Page last updated at 14:32 GMT, Tuesday, 17 January 2012

Hungary PM defends legal rows

Hungarian Prime Minister Viktor Orban has defended recent legal and constitutional changes in his country, during a heated debate with MEPs on 18 January 2012.

He was speaking a day after the EU Commission launched legal proceedings against his Fidesz government's plans to introduce new laws on the central bank, the judiciary and data protection authority in light of the Commission's concerns.

Mr Orban told MEPs Hungary was going through "an exciting process of renewal" and said he hoped that any disagreement with the Commission could be dealt with "easily and swiftly".

However Commission president Jose Manuel Barroso warned that the Commission "will not hesitate in taking further action".

He said that "letters of formal notice" had been sent to Budapest raising concerns over the independence of the central bank and the forced retirement of judges

Mr Orban's centre-right Fidesz party, was elected with a two thirds majority in a general election 2010, and has used its powers to bring forward a number of legal changes, as well as a new constitution that came into effect at the start of 2012.

EU and IMF officials have cut short aid talks with Hungary over the banking reform.

However the government says the Fiscal Stability Law will increase jobs, by making permanent a flat personal income tax. Opponents say this undermines the bank's independence.

The ensuing debate in the European Parliament was broadly split along party lines, with members of the EPP group - in which the Fidesz party sits - being less critical.

Maltese EPP MEP Simon Busuttil warned that taking action at the moment would lose respect for the European Parliament among Hungarians, and urged the Commission to let the legal process run its course.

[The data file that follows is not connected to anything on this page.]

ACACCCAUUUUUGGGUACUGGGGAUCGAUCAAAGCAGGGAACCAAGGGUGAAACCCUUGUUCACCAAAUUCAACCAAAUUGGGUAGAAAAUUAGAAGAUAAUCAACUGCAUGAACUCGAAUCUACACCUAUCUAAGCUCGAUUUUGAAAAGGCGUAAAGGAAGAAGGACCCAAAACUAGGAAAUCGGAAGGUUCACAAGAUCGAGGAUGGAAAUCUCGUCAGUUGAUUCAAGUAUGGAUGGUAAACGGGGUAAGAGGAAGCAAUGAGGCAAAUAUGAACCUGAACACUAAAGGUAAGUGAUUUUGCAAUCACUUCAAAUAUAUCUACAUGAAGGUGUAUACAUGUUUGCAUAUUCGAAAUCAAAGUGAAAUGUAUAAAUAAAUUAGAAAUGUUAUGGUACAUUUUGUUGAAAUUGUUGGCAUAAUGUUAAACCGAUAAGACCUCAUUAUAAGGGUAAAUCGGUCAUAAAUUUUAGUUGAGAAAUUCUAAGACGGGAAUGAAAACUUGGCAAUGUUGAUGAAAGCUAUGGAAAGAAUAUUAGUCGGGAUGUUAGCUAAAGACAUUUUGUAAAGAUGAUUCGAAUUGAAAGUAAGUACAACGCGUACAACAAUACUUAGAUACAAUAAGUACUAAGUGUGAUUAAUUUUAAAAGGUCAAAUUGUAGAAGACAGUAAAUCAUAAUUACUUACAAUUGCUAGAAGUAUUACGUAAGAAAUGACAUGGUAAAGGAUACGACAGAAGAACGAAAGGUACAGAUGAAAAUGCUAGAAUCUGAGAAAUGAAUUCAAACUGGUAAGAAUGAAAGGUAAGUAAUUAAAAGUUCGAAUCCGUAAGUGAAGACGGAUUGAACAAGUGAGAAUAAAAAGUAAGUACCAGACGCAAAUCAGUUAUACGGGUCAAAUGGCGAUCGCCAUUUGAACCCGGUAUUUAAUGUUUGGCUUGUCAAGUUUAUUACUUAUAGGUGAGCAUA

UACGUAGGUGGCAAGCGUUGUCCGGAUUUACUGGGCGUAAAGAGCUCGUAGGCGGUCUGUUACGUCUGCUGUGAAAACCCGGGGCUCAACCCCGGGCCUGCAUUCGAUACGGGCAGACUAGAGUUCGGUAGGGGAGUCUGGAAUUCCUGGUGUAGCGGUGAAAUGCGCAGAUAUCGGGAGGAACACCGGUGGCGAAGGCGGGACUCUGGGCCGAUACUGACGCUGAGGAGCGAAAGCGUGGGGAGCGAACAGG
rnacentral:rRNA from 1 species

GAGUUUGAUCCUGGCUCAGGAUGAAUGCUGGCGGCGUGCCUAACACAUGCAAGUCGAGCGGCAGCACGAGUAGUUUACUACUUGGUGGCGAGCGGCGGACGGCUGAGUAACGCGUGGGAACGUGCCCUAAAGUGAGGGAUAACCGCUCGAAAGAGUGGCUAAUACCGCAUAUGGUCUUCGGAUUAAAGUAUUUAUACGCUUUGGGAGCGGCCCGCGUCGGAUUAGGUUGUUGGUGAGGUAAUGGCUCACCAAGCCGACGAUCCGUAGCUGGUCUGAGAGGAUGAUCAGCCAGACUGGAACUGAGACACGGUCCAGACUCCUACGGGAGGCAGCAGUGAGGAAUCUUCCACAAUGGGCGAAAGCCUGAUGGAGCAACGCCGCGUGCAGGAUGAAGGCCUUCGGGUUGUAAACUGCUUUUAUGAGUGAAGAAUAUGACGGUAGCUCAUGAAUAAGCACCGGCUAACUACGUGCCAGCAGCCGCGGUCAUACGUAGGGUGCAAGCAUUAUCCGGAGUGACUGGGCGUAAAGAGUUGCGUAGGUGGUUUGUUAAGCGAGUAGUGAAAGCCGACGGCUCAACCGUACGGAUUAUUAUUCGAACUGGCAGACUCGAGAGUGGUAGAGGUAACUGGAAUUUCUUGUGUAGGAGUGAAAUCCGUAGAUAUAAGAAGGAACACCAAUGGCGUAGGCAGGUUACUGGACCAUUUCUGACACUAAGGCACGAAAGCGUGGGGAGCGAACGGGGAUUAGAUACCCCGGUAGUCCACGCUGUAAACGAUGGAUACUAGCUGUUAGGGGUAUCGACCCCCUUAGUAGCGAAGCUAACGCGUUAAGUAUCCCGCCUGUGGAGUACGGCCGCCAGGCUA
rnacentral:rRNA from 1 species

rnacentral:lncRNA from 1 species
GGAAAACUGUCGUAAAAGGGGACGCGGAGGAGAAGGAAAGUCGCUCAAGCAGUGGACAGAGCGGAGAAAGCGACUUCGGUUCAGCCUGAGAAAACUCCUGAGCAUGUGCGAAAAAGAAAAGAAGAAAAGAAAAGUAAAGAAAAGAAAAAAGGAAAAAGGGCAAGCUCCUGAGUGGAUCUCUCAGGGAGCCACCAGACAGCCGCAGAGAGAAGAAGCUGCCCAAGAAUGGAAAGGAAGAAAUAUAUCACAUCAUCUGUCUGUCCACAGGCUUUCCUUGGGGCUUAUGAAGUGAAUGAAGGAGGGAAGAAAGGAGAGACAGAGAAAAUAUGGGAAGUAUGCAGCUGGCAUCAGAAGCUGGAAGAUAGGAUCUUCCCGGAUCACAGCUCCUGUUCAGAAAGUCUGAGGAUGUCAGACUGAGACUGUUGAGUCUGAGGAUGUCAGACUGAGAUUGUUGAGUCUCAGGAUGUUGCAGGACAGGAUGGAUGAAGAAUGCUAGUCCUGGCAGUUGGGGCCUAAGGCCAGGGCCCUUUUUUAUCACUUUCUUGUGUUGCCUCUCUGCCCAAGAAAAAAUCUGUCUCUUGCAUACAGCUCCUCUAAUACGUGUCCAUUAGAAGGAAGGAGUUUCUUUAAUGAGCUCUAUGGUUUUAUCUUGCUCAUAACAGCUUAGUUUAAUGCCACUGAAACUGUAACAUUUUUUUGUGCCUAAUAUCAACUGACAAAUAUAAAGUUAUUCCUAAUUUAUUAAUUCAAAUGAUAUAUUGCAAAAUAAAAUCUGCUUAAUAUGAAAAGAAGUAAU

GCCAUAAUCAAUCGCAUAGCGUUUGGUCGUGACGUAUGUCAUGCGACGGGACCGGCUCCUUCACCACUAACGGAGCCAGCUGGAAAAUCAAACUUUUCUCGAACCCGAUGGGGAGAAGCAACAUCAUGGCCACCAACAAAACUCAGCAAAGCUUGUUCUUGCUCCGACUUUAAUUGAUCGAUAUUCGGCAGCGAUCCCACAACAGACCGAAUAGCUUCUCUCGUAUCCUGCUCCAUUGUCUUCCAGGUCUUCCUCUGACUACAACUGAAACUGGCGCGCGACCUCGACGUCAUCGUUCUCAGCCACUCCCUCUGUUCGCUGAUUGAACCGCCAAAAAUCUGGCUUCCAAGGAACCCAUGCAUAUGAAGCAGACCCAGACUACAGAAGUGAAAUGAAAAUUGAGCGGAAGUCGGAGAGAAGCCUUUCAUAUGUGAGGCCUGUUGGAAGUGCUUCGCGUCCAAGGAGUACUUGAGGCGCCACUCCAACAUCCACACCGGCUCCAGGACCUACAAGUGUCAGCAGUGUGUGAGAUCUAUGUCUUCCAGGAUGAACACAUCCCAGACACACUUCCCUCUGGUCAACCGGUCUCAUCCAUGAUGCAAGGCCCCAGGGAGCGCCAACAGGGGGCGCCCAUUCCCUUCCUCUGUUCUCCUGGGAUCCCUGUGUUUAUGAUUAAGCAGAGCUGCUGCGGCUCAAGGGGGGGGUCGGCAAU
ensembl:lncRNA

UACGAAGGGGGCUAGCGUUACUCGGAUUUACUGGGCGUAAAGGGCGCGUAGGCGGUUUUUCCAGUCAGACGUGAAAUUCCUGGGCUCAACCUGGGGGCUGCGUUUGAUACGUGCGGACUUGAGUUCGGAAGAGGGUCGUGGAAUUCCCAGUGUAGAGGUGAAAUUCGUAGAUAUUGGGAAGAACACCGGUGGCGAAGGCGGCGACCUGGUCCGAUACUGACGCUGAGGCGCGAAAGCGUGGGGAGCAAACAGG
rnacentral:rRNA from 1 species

However Hungarian conservative Lajos Bokros accused the Fidesz government of a "carpet bombing" of the rule of law, and a "wholescale destruction of autonomy".

Liberal group leader Guy Verhofstadt, said the dispute with Hungary was not just a technical matter.

"It's about checking the conformity of the constitution and cardinal laws with European values."

He praised Mr Orban for his role in defeating communism, but told him: "I'm afraid you are on the wrong path for the moment."

The Franco-German co-leader of the Greens, Daniel Cohn-Bendit, told Mr Orban that many Hungarians, including Jews and other minorities, were afraid about future consequences of the Fidesz government's legal and constitutional changes. "The majority has the right not to live in fear," he said.

MEPs will vote on a motion for a resolution setting out their position on the row at the mini-plenary session in Brussels in February.

Useful links:

Democracy Live's guide to how the plenary sessions work.

A disclaimer on the use of simultaneous interpretations, on the European Parliament's website.

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